Edward I, Count of Bar

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Edward I, Count of Bar
Died November 1336
Famagusta
Noble family Montbéliard
Spouse(s) Mary of Burgundy
Father Henry III, Count of Bar
Mother Eleanor of England

Edward I (died November 1336), was the Count of Bar from 1302 to his death. He was a minor when he succeeded his father, Henry III, as count and ruled under the regency of his grandfather, as his mother Eleanor was dead since 1298.

Henry III, Count of Bar 13th-century French nobleman

Henry III of Bar was Count of Bar from 1291 to 1302. He was the son of Theobald II, Count of Bar and Jeanne de Toucy.

A regent is a person appointed to govern a state because the monarch is a minor, is absent or is incapacitated. The rule of a regent or regents is called a regency. A regent or regency council may be formed ad hoc or in accordance with a constitutional rule. "Regent" is sometimes a formal title. If the regent is holding his position due to his position in the line of succession, the compound term prince regent is often used; if the regent of a minor is his mother, she is often referred to as "queen regent".

Eleanor of England, Countess of Bar 13th-century English princess and countess of Bar

Eleanor of England was an English princess, the eldest surviving daughter of King Edward I of England and his first wife, Queen Eleanor of Castile.

The county was governed on Edward's behalf by John of Puisaye, Theobald, Bishop of Liège, and Renaud, Bishop of Metz.

In 1308, he accompanied Frederick IV of Lorraine into battle. In 1310, he married Mary, daughter of Robert II, Duke of Burgundy, [1] and was declared to have attained his majority. Then he purchased the lordship of Stenay from his uncle John, the aforementioned lord of Puisaye. In 1313, he was captured in war against Frederick and not ransomed until 1314. He constructed a hydraulic forge at Moyeuvre-Grande in 1323. In 1324, he was again allied in military operations with the duke of Lorraine, and also with the King of Bohemia, John, and the Archbishop of Trier, Baldwin of Luxembourg. This operations was the War of Metz, for each of the allied lords was owed something by the citizens of Metz. Edward demanded compensation for garrisoning the city with his own troops during a conflict with the bishop of Verdun.

Robert II, Duke of Burgundy Duke of Burgundy

Robert II of Burgundy was Duke of Burgundy between 1272 and 1306. Robert was the third son of duke Hugh IV and Yolande of Dreux.

Stenay Commune in Grand Est, France

Stenay is a commune in the Meuse department in Grand Est in north-eastern France.

Moyeuvre-Grande Commune in Grand Est, France

Moyeuvre-Grande is a commune in the Moselle department in Grand Est in north-eastern France.

In 1336, Edward died in a shipwreck off the coast of Famagusta, Cyprus, while en route to a Crusade. By his wife, he left three children:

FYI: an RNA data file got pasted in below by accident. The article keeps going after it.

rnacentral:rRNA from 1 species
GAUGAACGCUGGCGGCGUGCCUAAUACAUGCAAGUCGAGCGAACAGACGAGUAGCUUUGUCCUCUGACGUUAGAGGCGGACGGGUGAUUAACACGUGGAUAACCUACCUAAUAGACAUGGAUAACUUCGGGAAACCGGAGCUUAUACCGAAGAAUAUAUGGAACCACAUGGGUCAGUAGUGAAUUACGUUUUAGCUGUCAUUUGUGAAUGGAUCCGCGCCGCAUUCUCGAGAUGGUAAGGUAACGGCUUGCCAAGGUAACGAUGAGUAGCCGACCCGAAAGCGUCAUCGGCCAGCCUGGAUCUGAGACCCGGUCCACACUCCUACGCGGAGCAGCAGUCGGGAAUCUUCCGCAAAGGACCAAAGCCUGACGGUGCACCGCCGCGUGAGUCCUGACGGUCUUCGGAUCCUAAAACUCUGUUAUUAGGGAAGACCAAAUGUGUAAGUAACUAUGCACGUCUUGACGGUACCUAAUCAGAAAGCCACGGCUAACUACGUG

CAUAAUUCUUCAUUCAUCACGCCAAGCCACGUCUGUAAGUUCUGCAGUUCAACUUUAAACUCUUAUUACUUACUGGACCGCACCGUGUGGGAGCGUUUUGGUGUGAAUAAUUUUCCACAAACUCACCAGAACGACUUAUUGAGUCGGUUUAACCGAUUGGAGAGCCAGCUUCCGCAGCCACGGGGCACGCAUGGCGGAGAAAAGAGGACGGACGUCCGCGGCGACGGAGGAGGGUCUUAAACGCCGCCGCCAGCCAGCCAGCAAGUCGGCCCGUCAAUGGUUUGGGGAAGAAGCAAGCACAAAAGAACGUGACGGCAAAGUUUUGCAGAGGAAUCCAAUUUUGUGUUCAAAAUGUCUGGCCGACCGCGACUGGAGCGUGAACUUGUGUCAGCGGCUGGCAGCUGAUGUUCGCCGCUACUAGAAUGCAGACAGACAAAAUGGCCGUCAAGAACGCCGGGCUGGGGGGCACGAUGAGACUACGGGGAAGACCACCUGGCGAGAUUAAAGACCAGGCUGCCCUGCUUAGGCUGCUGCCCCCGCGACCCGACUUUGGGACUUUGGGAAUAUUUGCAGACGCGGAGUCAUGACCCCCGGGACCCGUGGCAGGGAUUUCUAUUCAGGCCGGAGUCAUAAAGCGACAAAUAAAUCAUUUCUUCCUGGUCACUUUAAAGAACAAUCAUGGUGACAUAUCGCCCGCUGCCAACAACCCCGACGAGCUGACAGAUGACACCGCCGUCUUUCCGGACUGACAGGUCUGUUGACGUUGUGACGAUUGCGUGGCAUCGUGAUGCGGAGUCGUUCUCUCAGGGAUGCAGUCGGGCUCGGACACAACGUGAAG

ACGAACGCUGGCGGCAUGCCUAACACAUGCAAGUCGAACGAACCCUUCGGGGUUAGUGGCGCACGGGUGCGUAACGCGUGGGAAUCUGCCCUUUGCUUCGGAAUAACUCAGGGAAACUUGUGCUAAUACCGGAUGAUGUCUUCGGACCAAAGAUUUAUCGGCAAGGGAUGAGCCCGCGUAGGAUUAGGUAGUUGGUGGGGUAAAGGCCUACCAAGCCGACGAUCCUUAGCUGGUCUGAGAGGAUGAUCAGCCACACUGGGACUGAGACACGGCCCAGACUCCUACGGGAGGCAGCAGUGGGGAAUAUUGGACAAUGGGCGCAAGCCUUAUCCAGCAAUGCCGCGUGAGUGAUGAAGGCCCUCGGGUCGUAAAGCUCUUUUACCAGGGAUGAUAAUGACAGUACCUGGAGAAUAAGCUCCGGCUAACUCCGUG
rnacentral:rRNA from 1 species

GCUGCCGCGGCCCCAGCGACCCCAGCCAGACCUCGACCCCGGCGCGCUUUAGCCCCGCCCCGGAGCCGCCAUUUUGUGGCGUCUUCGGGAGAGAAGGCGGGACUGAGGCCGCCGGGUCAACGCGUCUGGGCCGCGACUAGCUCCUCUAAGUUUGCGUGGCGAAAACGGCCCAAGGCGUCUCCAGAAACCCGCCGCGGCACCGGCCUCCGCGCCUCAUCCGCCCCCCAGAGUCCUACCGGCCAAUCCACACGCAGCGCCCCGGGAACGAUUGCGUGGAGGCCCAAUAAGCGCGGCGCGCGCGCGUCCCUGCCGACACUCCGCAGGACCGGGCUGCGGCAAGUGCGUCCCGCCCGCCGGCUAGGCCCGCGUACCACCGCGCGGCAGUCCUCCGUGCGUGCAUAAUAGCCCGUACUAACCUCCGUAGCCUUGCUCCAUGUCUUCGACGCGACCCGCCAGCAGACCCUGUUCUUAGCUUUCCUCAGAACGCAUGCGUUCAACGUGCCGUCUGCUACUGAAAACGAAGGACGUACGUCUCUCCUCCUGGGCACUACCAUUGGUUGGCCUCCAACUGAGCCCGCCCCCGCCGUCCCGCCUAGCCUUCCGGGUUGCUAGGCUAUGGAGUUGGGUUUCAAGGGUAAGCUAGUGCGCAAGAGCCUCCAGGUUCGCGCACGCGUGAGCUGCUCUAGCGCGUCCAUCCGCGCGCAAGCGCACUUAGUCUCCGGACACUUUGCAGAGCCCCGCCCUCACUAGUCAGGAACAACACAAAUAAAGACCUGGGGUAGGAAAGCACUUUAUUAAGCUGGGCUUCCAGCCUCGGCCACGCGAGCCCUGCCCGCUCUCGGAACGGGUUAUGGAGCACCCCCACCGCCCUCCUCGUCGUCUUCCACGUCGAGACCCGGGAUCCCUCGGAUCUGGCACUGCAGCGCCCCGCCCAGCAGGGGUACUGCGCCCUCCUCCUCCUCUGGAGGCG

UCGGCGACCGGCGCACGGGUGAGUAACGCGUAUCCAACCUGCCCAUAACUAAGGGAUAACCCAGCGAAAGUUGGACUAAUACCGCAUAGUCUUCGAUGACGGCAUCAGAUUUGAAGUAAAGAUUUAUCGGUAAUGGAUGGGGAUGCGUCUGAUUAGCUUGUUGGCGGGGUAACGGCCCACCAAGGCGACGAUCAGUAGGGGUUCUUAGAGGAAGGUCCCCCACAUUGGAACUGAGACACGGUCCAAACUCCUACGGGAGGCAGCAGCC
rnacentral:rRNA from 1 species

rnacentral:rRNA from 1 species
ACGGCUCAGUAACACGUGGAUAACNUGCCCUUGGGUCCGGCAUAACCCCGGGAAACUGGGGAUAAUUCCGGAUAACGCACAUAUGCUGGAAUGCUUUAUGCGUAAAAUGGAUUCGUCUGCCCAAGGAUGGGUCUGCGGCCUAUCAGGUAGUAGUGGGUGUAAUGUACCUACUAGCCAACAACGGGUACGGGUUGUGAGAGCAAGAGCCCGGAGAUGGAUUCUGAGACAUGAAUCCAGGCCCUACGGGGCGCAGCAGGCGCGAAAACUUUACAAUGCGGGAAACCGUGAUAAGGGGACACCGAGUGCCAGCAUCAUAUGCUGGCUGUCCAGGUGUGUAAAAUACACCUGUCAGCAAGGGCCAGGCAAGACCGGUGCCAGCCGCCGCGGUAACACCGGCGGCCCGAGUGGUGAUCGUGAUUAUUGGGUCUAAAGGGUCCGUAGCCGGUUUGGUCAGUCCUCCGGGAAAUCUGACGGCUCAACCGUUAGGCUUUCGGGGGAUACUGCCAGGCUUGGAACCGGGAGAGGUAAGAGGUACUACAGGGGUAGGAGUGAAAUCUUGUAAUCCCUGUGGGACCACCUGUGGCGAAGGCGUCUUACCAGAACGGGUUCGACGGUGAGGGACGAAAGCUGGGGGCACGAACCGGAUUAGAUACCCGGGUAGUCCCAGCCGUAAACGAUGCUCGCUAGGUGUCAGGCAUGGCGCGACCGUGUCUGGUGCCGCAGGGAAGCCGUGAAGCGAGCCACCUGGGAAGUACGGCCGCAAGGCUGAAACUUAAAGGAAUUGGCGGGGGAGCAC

Famagusta Place in Famagusta District, Cyprus

Famagusta is a city on the east coast of Cyprus. It is located east of Nicosia and possesses the deepest harbour of the island. During the medieval period, Famagusta was the island's most important port city and a gateway to trade with the ports of the Levant, from where the Silk Road merchants carried their goods to Western Europe. The old walled city and parts of the modern city presently fall within the de facto Turkish Republic of Northern Cyprus in Gazimağusa District, of which it is the capital.

Cyprus Island country in Mediterranean

Cyprus, officially the Republic of Cyprus, is an island country in the Eastern Mediterranean and the third largest and third most populous island in the Mediterranean, located south of Turkey, west of Syria and Lebanon, northwest of Israel, north of Egypt, and southeast of Greece.

Rudolph, Duke of Lorraine Duke of Lorraine

Rudolph, called the Valiant, was the Duke of Lorraine from 1329 to his death. He was the son and successor of Frederick IV and Elisabeth, daughter of Albert I of Germany. Though he was but nine years of age when his father died and he succeeded to the duchy under the regency of his mother, he was a warrior prince, taking part in four separate wars in Lorraine, France, Brittany, and Iberia. He was killed at the Battle of Crécy.

Guido Gonzaga Italian condottiero

Guido Gonzaga was an Italian condottiero, son of Ludovico I Gonzaga capitano del popolo of Mantua and imperial vicar.

Mantua Comune in Lombardy, Italy

Mantua is a city and comune in Lombardy, Italy, and capital of the province of the same name.

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Erard of Bar, was a monk by 1292 and then seigneur de Pierrepont et d'Ancerville by 1302. Erard was one of eight sons born to Theobald II, Count of Bar and his wife, Jeanne de Toucy.

References

  1. 1 2 Michelle Bubenicek, Quand les femmes gouvernent: droit et politique au XIVe siècle:Yolande de Flandre, Droit et politique au XIV siecle, (Ecole des Chartes, 2002), 54-55.